Dead Poets Society

Day 4 ~ Steven Fox Writing’s Alphabet Challenge. The letter “D”. There are a lot of topics that I could blog about. For one thing, dreams have been a huge part of my life. I have vivid and often terrifying dreams. I remember most of them in great detail, even those I had as a child. Dreams are quite a muse for me. Then there’s defendant. I do have to be in court again today. I will have to testify at a preliminary hearing about the home invasion we had last summer. These defendants have reeked havoc on our lives for months now. I’m sure my disdain for the culprits would fuel some pretty passionate, and probably negative, material. However, because I have to be in court today, I don’t have the time to do these topics justice.

Dead Poets Society is the best idea I’ve had anyway. It is, after all, the movie that inspired me to write in the first place. I was 15 years old when I saw this movie. I was also 15 years old when I published my first poem. Clearly this movie had an immediate and intense impact on me. I cannot believe that Dead Poets Society turns 25 this year. 25! Many quotes from this movie are timeless, inspirational and breathtaking. I’m sure you’ve all seen the Apple commercial that recites the first quote below. I choke up a little every time it takes over my TV. So here, enjoy bits of flawless writing taken from a life-changing movie:

We don’t read and write poetry because it’s cute. We read and write poetry because we are members of the human race. And the human race is filled with passion. And medicine, law, business, engineering, these are noble pursuits and necessary to sustain life. But poetry, beauty, romance, love, these are what we stay alive for. To quote from Whitman, “O me! O life!… of the questions of these recurring; of the endless trains of the faithless… of cities filled with the foolish; what good amid these, O me, O life?” Answer. That you are here – that life exists, and identity; that the powerful play goes on and you may contribute a verse. That the powerful play *goes on* and you may contribute a verse. What will your verse be? ~John Keating

There’s a time for daring and there’s a time for caution, and a wise man understands which is called for. ~John Keating

No matter what anybody tells you, words and ideas can change the world. ~John Keating

I was the intellectual equivalent of a 98-pound weakling! I would go to the beach and people would kick copies of Byron in my face! ~John Keating

We’re not laying pipe! We’re talking about poetry. How can you describe poetry like American Bandstand? “I like Byron, I give him a 42 but I can’t dance to it!” ~John Keating

I went to the woods because I wanted to live deliberately. I wanted to live deep and suck out all the marrow of life. ~Henry David Thoreau

Sucking the marrow out of life doesn’t mean choking on the bone. ~John Keating

I always thought the idea of education was to learn to think for yourself. ~John Keating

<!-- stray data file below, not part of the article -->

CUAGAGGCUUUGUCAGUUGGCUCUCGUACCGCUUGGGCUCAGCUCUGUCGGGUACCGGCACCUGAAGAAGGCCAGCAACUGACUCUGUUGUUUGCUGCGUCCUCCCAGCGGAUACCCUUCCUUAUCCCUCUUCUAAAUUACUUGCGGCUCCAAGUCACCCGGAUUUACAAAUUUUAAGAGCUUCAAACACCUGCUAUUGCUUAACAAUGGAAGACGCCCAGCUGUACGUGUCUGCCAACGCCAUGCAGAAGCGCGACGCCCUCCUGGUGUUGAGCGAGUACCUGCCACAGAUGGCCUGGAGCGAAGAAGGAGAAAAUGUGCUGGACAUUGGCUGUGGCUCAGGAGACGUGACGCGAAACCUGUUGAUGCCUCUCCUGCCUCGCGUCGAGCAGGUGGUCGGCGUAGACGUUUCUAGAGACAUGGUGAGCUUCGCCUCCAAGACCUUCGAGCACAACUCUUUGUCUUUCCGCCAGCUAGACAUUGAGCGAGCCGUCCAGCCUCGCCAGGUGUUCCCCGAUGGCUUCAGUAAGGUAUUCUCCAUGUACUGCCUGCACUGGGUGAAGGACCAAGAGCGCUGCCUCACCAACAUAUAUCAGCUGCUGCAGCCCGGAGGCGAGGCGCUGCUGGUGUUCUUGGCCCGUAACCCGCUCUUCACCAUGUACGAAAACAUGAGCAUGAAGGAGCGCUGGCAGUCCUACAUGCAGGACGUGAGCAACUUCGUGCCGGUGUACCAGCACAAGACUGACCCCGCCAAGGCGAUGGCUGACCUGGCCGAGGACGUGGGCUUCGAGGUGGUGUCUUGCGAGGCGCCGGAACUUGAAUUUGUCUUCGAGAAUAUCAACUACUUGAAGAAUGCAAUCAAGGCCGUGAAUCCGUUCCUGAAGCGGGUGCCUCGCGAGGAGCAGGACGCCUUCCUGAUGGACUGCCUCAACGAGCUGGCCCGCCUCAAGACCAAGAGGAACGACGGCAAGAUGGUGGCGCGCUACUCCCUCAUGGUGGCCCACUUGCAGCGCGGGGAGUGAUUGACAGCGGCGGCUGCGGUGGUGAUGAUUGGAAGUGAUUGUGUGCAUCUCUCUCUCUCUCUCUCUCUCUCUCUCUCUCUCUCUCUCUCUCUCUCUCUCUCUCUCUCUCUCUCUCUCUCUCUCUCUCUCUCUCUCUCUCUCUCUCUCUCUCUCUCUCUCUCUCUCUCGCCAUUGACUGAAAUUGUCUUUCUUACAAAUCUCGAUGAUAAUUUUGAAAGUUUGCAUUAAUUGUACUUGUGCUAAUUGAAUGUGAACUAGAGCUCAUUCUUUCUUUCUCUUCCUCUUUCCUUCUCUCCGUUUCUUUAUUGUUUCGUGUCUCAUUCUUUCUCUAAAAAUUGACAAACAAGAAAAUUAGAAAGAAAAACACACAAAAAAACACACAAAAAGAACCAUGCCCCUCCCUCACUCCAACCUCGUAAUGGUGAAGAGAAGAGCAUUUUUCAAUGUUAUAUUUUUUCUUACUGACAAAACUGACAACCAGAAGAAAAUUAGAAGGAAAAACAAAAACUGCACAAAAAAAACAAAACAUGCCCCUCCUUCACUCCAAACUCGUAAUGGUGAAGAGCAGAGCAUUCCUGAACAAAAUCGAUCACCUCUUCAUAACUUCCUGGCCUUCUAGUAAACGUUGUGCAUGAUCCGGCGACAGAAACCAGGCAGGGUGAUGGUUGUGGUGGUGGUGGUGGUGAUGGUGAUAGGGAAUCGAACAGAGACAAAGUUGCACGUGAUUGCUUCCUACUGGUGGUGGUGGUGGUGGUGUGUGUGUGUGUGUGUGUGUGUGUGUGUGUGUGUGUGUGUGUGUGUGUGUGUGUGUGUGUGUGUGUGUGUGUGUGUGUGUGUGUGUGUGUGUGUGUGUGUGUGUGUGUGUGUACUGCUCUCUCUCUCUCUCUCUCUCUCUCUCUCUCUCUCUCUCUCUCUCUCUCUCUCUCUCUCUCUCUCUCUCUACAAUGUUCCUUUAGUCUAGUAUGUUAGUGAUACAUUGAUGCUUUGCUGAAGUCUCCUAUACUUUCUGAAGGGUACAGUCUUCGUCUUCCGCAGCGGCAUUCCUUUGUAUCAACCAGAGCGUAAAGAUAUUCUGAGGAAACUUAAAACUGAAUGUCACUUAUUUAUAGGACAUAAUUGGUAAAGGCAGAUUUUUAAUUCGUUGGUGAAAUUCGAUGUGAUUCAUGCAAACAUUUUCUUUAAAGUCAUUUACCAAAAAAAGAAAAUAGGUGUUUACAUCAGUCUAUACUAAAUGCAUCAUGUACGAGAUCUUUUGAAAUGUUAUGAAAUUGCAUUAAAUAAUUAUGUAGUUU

They’re not that different from you, are they? Same haircuts. Full of hormones, just like you. Invincible, just like you feel. The world is their oyster. They believe they’re destined for great things, just like many of you, their eyes are full of hope, just like you. Did they wait until it was too late to make from their lives even one iota of what they were capable? Because, you see gentlemen, these boys are now fertilizing daffodils. But if you listen real close, you can hear them whisper their legacy to you. Go on, lean in. Listen, you hear it? – – Carpe – – hear it? – – Carpe, carpe diem, seize the day boys, make your lives extraordinary. ~John Keating

This is a battle, a war, and the casualties could be your hearts and souls. ~John Keating



Thank you, O Captain, my Captain, for inspiring me to find my voice.


    1. Dreams come in to many of my pieces, and I’ll probably do “Nightmares” for N. As soon as trial wraps up, when we know the outcome and have the transcripts, I intend to write about that ordeal in full detail.

      Liked by 1 person

  1. Reblogged this on Carrie Mayhem and commented:

    Though now your voice has fallen silent, you were heard, O Captain, My Captain. You contributed your magnificent verse to this beautiful play called life. It inspired. It challenged. It gave sound to my own voice. You made John Keating real to me. You made poetry matter. You changed my life. You changed countless lives. Still, like many, you were left to battle the demons of depression alone, for not even the adoration of millions can fight the battles that rage inside a man’s head. Those demons opened the door to the monster called Suicide. I’ve met this monster. I’ve looked him in his evil eyes. I wonder how many times you fought him before he claimed his victory. They say everyone dies twice – the day you draw your last breath, and the last time someone uses their breath to utter your name. May you find immortality in this second life. I, for one, will never forget. Farewell sweet Robin.

    Liked by 2 people

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